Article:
[9] From the Italian “combinare” with the English “-d” participle, “agreed.”

[Transcribed by Marco Graziosi from Houghton Library, Harvard University, MS Eng. 797.3. Image.]

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Wednesday, 28 December 1864

The wind fell, & stars riz ― so there were hopes of fine weather. Cats jumped about in that vast church-like dining room ― & threw down lots of chairs: yet on the whole slept well.

Diano. 3 P.M. 28 December 1864. (112).

Diano. 3 P.M. 28 December 1864. (112).

A strange rambling inn & very Italian: a W.C. opening out of the huge room ― & all the other rooms ― doors & windows, banging & screeching with the fearful storm of wind. Frivolities of lace & curtains ― ἀντὶ[1] bolts & shutters. ― At 5 I woke, & it was calm & fine; so I decided to send luggage by Vetturinos, returning with empty carriages ― & walking. Rose at 5.30, ― & by 7 was impatient for bill & coffee: ― but could not get off before 8. The morning was lovely: Drew Languelia ― that most compact & picturesque little town, twice ― till 9.30. Then came up the Capo delle Mele ― & happily with little or no wind ―: & there took leave of the Genoese views ― C,. di Noli ― &c. Much warmer day. Down to the uninteresting bay of Adorna[2] ― & up on the other side, where we lunched ― (hard eggs & salami,) & I drew ― till 1. P.M. C. delle Mele has really very little beauty ― but its lighthouse is fine & grandly built. Nor has the dull valley of Adorna any claim to “arrest the traveller.” At 1. went on round the Capo of Adorna, & at Cervi[3] ― drew that perky town, & thence by the straight olive=road to Diano. That town is not interesting in itself, tho’ the whole valley is so from its multitude of villages & profusion of olive culture.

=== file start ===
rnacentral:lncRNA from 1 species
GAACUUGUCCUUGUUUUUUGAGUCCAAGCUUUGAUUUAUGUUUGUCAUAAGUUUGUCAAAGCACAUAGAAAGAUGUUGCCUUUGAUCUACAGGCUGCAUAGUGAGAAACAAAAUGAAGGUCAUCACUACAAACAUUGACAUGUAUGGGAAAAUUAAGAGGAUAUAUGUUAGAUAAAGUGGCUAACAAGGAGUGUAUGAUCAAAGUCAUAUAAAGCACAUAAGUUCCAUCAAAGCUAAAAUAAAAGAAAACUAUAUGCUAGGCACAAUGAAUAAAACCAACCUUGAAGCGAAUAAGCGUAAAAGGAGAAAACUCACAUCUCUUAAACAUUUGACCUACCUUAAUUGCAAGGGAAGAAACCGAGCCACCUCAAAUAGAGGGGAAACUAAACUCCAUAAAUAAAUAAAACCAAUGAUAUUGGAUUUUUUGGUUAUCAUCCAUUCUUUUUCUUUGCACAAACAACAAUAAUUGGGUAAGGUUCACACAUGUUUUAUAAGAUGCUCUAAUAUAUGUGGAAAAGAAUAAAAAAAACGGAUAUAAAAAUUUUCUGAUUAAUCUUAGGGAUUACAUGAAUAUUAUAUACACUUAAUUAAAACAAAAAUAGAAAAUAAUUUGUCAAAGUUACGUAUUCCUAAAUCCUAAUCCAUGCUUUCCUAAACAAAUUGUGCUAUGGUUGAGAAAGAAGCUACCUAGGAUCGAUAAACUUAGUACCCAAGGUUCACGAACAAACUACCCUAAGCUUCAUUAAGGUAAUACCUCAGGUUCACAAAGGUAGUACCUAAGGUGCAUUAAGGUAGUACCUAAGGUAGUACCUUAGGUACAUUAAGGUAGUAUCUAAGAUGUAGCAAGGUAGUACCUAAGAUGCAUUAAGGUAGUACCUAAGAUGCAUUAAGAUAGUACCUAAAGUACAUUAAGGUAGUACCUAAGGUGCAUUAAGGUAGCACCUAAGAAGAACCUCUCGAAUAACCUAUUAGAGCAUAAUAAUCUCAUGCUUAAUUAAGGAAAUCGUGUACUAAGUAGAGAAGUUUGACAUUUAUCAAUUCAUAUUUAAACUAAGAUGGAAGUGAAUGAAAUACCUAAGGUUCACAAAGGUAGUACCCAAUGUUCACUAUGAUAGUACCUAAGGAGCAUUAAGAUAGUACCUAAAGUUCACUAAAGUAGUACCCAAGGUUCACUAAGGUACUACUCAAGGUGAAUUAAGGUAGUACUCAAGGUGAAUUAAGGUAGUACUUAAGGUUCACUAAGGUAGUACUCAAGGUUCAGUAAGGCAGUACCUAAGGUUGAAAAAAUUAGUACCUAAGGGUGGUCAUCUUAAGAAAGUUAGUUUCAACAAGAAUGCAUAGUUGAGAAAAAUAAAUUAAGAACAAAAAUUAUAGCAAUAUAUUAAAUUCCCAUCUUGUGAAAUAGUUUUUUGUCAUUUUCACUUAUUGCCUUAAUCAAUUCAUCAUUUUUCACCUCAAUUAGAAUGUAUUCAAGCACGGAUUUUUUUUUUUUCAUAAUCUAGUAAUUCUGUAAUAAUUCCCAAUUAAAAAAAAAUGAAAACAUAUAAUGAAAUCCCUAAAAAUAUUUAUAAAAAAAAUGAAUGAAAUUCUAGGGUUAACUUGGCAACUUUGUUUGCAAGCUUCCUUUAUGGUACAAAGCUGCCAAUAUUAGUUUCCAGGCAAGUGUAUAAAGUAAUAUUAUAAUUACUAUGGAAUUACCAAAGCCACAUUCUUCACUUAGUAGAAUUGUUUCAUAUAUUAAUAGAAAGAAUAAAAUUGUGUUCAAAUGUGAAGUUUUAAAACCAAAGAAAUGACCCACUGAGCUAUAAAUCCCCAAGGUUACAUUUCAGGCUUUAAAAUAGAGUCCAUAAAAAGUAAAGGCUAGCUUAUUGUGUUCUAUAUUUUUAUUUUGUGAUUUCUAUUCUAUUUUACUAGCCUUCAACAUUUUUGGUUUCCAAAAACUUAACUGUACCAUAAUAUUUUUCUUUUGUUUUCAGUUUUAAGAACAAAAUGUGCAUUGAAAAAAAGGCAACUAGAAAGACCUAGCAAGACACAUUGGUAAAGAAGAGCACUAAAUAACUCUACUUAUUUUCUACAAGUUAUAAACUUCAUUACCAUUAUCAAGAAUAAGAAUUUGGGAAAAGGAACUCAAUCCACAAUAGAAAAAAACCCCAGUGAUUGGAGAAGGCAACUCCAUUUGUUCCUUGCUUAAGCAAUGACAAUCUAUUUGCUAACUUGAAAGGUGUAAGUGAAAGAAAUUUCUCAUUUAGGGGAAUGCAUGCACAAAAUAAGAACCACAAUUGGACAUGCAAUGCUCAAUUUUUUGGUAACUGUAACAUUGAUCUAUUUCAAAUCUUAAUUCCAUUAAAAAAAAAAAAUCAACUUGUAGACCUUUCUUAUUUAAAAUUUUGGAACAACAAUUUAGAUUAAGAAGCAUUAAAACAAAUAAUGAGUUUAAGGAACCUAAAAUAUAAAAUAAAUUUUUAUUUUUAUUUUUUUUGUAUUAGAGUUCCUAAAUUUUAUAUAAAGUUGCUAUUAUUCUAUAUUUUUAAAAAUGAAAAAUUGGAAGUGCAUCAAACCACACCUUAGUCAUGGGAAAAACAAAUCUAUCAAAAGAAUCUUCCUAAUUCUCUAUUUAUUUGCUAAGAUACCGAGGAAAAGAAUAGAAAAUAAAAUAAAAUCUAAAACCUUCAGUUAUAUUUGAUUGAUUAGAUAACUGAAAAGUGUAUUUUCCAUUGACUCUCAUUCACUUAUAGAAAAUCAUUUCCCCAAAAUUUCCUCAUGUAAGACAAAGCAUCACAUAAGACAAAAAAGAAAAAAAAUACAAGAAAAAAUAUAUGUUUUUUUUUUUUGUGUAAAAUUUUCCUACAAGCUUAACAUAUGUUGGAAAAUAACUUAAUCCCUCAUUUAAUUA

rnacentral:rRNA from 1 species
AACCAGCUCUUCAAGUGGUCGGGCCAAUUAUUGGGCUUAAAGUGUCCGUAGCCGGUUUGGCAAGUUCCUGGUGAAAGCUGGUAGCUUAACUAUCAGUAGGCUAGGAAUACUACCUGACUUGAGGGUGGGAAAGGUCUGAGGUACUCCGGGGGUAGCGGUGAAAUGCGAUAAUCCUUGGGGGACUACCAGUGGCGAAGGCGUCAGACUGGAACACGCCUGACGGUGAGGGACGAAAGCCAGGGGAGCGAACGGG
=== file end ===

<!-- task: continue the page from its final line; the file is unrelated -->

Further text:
Drew twice ― 2.30 ― & 3 ― on the west side ― & then slowly came up the high cape ― & by degrees ― at 4 ― 4.15 ― down the hill to Oneglia. Found luggage all right: & it is evidently a good if not a cheap plan to send it on by Vetturini thus.

At 5.30 dined ― & at 7.30 γράφω τοῦτο.[4]